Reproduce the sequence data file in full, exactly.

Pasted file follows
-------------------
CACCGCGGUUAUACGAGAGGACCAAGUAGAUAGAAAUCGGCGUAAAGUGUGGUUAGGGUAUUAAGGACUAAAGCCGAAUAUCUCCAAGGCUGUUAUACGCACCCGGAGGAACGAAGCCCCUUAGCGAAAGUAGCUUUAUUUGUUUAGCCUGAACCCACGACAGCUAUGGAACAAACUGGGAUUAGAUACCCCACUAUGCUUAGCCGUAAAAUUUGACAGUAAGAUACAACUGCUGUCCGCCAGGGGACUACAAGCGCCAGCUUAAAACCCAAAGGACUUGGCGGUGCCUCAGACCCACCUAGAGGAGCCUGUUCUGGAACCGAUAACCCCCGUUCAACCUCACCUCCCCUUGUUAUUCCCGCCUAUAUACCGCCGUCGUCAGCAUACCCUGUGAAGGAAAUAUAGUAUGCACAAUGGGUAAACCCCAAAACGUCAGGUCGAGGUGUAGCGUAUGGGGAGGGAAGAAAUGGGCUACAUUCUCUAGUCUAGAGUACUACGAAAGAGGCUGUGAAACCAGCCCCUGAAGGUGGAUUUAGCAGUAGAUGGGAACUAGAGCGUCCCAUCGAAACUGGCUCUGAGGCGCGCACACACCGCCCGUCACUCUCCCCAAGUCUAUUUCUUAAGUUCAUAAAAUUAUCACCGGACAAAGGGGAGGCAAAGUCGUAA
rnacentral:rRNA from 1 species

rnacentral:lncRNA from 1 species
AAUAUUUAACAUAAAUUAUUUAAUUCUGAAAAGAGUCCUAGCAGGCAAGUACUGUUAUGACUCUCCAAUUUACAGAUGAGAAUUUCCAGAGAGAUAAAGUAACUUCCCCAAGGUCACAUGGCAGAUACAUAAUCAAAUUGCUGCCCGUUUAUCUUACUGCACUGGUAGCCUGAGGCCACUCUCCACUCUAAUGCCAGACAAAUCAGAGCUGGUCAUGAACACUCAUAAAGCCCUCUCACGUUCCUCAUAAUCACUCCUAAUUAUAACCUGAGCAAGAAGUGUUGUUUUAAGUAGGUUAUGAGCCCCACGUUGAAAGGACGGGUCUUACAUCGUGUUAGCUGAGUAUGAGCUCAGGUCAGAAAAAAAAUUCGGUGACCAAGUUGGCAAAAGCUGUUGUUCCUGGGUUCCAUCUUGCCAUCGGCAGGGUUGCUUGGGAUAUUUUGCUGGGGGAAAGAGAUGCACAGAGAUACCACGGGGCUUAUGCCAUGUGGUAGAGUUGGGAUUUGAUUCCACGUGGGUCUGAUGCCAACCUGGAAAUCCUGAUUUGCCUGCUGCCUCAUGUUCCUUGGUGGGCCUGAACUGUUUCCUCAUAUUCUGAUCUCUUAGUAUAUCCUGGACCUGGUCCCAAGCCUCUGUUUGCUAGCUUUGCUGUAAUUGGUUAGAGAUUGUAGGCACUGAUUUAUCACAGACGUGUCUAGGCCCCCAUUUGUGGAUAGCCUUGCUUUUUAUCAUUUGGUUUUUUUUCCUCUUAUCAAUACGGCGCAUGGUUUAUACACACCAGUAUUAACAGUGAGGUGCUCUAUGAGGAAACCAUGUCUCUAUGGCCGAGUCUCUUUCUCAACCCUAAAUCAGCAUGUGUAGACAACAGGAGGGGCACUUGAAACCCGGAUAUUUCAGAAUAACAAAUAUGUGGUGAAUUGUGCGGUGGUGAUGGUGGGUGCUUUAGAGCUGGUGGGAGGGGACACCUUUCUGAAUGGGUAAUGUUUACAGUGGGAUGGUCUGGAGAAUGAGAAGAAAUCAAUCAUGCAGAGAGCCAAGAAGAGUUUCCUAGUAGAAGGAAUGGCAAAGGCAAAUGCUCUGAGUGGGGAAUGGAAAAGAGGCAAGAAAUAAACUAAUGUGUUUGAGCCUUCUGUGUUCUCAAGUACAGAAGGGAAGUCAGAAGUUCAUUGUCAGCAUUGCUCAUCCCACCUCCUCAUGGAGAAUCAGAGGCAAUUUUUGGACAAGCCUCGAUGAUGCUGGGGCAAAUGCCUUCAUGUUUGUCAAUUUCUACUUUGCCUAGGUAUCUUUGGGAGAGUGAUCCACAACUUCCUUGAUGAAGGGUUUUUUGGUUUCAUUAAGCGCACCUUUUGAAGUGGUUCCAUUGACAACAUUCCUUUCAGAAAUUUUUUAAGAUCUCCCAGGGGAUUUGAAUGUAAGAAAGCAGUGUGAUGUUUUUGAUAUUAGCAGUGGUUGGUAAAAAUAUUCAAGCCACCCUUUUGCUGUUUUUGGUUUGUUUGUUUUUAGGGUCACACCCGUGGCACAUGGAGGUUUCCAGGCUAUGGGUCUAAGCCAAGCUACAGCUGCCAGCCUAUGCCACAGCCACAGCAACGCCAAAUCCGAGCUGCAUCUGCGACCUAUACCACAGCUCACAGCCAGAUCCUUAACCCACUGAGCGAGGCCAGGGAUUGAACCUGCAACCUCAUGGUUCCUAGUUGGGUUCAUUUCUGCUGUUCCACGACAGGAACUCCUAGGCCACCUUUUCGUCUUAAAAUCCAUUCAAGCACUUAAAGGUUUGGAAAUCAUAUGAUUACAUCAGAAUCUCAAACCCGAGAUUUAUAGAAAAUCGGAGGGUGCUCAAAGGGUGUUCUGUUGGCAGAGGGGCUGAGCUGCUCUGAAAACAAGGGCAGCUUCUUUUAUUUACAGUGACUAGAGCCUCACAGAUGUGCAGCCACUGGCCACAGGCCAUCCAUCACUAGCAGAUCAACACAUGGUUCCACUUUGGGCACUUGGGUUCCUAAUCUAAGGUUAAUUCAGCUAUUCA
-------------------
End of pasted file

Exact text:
CACCGCGGUUAUACGAGAGGACCAAGUAGAUAGAAAUCGGCGUAAAGUGUGGUUAGGGUAUUAAGGACUAAAGCCGAAUAUCUCCAAGGCUGUUAUACGCACCCGGAGGAACGAAGCCCCUUAGCGAAAGUAGCUUUAUUUGUUUAGCCUGAACCCACGACAGCUAUGGAACAAACUGGGAUUAGAUACCCCACUAUGCUUAGCCGUAAAAUUUGACAGUAAGAUACAACUGCUGUCCGCCAGGGGACUACAAGCGCCAGCUUAAAACCCAAAGGACUUGGCGGUGCCUCAGACCCACCUAGAGGAGCCUGUUCUGGAACCGAUAACCCCCGUUCAACCUCACCUCCCCUUGUUAUUCCCGCCUAUAUACCGCCGUCGUCAGCAUACCCUGUGAAGGAAAUAUAGUAUGCACAAUGGGUAAACCCCAAAACGUCAGGUCGAGGUGUAGCGUAUGGGGAGGGAAGAAAUGGGCUACAUUCUCUAGUCUAGAGUACUACGAAAGAGGCUGUGAAACCAGCCCCUGAAGGUGGAUUUAGCAGUAGAUGGGAACUAGAGCGUCCCAUCGAAACUGGCUCUGAGGCGCGCACACACCGCCCGUCACUCUCCCCAAGUCUAUUUCUUAAGUUCAUAAAAUUAUCACCGGACAAAGGGGAGGCAAAGUCGUAA
rnacentral:rRNA from 1 species

rnacentral:lncRNA from 1 species
AAUAUUUAACAUAAAUUAUUUAAUUCUGAAAAGAGUCCUAGCAGGCAAGUACUGUUAUGACUCUCCAAUUUACAGAUGAGAAUUUCCAGAGAGAUAAAGUAACUUCCCCAAGGUCACAUGGCAGAUACAUAAUCAAAUUGCUGCCCGUUUAUCUUACUGCACUGGUAGCCUGAGGCCACUCUCCACUCUAAUGCCAGACAAAUCAGAGCUGGUCAUGAACACUCAUAAAGCCCUCUCACGUUCCUCAUAAUCACUCCUAAUUAUAACCUGAGCAAGAAGUGUUGUUUUAAGUAGGUUAUGAGCCCCACGUUGAAAGGACGGGUCUUACAUCGUGUUAGCUGAGUAUGAGCUCAGGUCAGAAAAAAAAUUCGGUGACCAAGUUGGCAAAAGCUGUUGUUCCUGGGUUCCAUCUUGCCAUCGGCAGGGUUGCUUGGGAUAUUUUGCUGGGGGAAAGAGAUGCACAGAGAUACCACGGGGCUUAUGCCAUGUGGUAGAGUUGGGAUUUGAUUCCACGUGGGUCUGAUGCCAACCUGGAAAUCCUGAUUUGCCUGCUGCCUCAUGUUCCUUGGUGGGCCUGAACUGUUUCCUCAUAUUCUGAUCUCUUAGUAUAUCCUGGACCUGGUCCCAAGCCUCUGUUUGCUAGCUUUGCUGUAAUUGGUUAGAGAUUGUAGGCACUGAUUUAUCACAGACGUGUCUAGGCCCCCAUUUGUGGAUAGCCUUGCUUUUUAUCAUUUGGUUUUUUUUCCUCUUAUCAAUACGGCGCAUGGUUUAUACACACCAGUAUUAACAGUGAGGUGCUCUAUGAGGAAACCAUGUCUCUAUGGCCGAGUCUCUUUCUCAACCCUAAAUCAGCAUGUGUAGACAACAGGAGGGGCACUUGAAACCCGGAUAUUUCAGAAUAACAAAUAUGUGGUGAAUUGUGCGGUGGUGAUGGUGGGUGCUUUAGAGCUGGUGGGAGGGGACACCUUUCUGAAUGGGUAAUGUUUACAGUGGGAUGGUCUGGAGAAUGAGAAGAAAUCAAUCAUGCAGAGAGCCAAGAAGAGUUUCCUAGUAGAAGGAAUGGCAAAGGCAAAUGCUCUGAGUGGGGAAUGGAAAAGAGGCAAGAAAUAAACUAAUGUGUUUGAGCCUUCUGUGUUCUCAAGUACAGAAGGGAAGUCAGAAGUUCAUUGUCAGCAUUGCUCAUCCCACCUCCUCAUGGAGAAUCAGAGGCAAUUUUUGGACAAGCCUCGAUGAUGCUGGGGCAAAUGCCUUCAUGUUUGUCAAUUUCUACUUUGCCUAGGUAUCUUUGGGAGAGUGAUCCACAACUUCCUUGAUGAAGGGUUUUUUGGUUUCAUUAAGCGCACCUUUUGAAGUGGUUCCAUUGACAACAUUCCUUUCAGAAAUUUUUUAAGAUCUCCCAGGGGAUUUGAAUGUAAGAAAGCAGUGUGAUGUUUUUGAUAUUAGCAGUGGUUGGUAAAAAUAUUCAAGCCACCCUUUUGCUGUUUUUGGUUUGUUUGUUUUUAGGGUCACACCCGUGGCACAUGGAGGUUUCCAGGCUAUGGGUCUAAGCCAAGCUACAGCUGCCAGCCUAUGCCACAGCCACAGCAACGCCAAAUCCGAGCUGCAUCUGCGACCUAUACCACAGCUCACAGCCAGAUCCUUAACCCACUGAGCGAGGCCAGGGAUUGAACCUGCAACCUCAUGGUUCCUAGUUGGGUUCAUUUCUGCUGUUCCACGACAGGAACUCCUAGGCCACCUUUUCGUCUUAAAAUCCAUUCAAGCACUUAAAGGUUUGGAAAUCAUAUGAUUACAUCAGAAUCUCAAACCCGAGAUUUAUAGAAAAUCGGAGGGUGCUCAAAGGGUGUUCUGUUGGCAGAGGGGCUGAGCUGCUCUGAAAACAAGGGCAGCUUCUUUUAUUUACAGUGACUAGAGCCUCACAGAUGUGCAGCCACUGGCCACAGGCCAUCCAUCACUAGCAGAUCAACACAUGGUUCCACUUUGGGCACUUGGGUUCCUAAUCUAAGGUUAAUUCAGCUAUUCA